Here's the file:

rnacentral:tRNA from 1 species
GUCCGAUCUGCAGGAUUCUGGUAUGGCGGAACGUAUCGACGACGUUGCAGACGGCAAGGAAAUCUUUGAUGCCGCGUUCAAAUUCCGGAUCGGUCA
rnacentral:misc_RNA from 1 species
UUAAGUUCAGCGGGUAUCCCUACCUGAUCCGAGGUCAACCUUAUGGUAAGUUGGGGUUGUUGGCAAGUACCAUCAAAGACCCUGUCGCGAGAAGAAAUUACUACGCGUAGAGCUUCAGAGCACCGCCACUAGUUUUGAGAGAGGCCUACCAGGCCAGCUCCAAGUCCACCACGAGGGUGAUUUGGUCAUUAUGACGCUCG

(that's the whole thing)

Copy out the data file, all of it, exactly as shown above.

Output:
rnacentral:tRNA from 1 species
GUCCGAUCUGCAGGAUUCUGGUAUGGCGGAACGUAUCGACGACGUUGCAGACGGCAAGGAAAUCUUUGAUGCCGCGUUCAAAUUCCGGAUCGGUCA
rnacentral:misc_RNA from 1 species
UUAAGUUCAGCGGGUAUCCCUACCUGAUCCGAGGUCAACCUUAUGGUAAGUUGGGGUUGUUGGCAAGUACCAUCAAAGACCCUGUCGCGAGAAGAAAUUACUACGCGUAGAGCUUCAGAGCACCGCCACUAGUUUUGAGAGAGGCCUACCAGGCCAGCUCCAAGUCCACCACGAGGGUGAUUUGGUCAUUAUGACGCUCG